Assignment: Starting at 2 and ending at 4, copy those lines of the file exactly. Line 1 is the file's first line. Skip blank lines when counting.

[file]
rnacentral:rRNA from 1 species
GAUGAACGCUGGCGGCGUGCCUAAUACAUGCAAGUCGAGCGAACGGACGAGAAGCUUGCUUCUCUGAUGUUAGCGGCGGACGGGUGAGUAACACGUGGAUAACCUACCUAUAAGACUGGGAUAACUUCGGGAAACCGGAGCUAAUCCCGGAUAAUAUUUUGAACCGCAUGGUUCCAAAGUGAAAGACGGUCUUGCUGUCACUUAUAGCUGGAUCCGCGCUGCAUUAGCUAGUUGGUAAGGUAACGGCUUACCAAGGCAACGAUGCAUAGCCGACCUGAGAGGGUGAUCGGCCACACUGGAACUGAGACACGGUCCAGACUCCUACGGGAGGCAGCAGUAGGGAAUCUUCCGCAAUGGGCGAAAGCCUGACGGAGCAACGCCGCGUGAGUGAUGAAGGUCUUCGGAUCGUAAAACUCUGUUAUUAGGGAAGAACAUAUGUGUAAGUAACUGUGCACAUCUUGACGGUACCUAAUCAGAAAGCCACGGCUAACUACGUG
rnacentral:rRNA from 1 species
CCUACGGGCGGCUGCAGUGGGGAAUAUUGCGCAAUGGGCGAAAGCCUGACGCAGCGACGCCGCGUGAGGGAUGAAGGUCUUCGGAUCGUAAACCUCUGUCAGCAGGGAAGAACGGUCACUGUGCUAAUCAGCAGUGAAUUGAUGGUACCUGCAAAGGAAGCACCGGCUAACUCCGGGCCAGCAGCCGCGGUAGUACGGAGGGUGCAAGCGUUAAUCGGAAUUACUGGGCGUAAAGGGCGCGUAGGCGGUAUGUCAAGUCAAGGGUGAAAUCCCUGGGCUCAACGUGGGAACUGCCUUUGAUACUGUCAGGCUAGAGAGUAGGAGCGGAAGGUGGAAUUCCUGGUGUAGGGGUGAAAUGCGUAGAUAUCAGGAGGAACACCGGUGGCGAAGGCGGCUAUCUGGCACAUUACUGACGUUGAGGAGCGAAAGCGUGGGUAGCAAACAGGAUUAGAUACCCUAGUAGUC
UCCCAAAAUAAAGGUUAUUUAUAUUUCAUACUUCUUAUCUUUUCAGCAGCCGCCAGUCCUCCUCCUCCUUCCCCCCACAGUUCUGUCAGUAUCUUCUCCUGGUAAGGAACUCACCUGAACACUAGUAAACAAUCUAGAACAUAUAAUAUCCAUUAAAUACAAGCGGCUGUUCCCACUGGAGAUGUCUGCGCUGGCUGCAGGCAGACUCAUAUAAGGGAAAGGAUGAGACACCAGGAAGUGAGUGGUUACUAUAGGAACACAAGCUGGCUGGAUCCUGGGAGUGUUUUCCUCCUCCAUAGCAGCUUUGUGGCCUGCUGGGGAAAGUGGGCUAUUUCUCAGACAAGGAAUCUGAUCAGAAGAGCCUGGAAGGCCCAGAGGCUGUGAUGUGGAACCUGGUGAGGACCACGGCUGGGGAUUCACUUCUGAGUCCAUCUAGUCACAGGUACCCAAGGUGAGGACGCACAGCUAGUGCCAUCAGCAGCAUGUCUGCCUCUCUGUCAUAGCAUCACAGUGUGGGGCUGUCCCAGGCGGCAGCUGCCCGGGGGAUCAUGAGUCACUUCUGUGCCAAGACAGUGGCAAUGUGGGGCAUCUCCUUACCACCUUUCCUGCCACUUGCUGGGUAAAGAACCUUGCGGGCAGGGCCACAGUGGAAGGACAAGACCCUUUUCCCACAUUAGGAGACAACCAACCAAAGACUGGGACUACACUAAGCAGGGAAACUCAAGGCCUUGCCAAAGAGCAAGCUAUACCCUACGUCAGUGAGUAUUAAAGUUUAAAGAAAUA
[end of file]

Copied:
GAUGAACGCUGGCGGCGUGCCUAAUACAUGCAAGUCGAGCGAACGGACGAGAAGCUUGCUUCUCUGAUGUUAGCGGCGGACGGGUGAGUAACACGUGGAUAACCUACCUAUAAGACUGGGAUAACUUCGGGAAACCGGAGCUAAUCCCGGAUAAUAUUUUGAACCGCAUGGUUCCAAAGUGAAAGACGGUCUUGCUGUCACUUAUAGCUGGAUCCGCGCUGCAUUAGCUAGUUGGUAAGGUAACGGCUUACCAAGGCAACGAUGCAUAGCCGACCUGAGAGGGUGAUCGGCCACACUGGAACUGAGACACGGUCCAGACUCCUACGGGAGGCAGCAGUAGGGAAUCUUCCGCAAUGGGCGAAAGCCUGACGGAGCAACGCCGCGUGAGUGAUGAAGGUCUUCGGAUCGUAAAACUCUGUUAUUAGGGAAGAACAUAUGUGUAAGUAACUGUGCACAUCUUGACGGUACCUAAUCAGAAAGCCACGGCUAACUACGUG
rnacentral:rRNA from 1 species
CCUACGGGCGGCUGCAGUGGGGAAUAUUGCGCAAUGGGCGAAAGCCUGACGCAGCGACGCCGCGUGAGGGAUGAAGGUCUUCGGAUCGUAAACCUCUGUCAGCAGGGAAGAACGGUCACUGUGCUAAUCAGCAGUGAAUUGAUGGUACCUGCAAAGGAAGCACCGGCUAACUCCGGGCCAGCAGCCGCGGUAGUACGGAGGGUGCAAGCGUUAAUCGGAAUUACUGGGCGUAAAGGGCGCGUAGGCGGUAUGUCAAGUCAAGGGUGAAAUCCCUGGGCUCAACGUGGGAACUGCCUUUGAUACUGUCAGGCUAGAGAGUAGGAGCGGAAGGUGGAAUUCCUGGUGUAGGGGUGAAAUGCGUAGAUAUCAGGAGGAACACCGGUGGCGAAGGCGGCUAUCUGGCACAUUACUGACGUUGAGGAGCGAAAGCGUGGGUAGCAAACAGGAUUAGAUACCCUAGUAGUC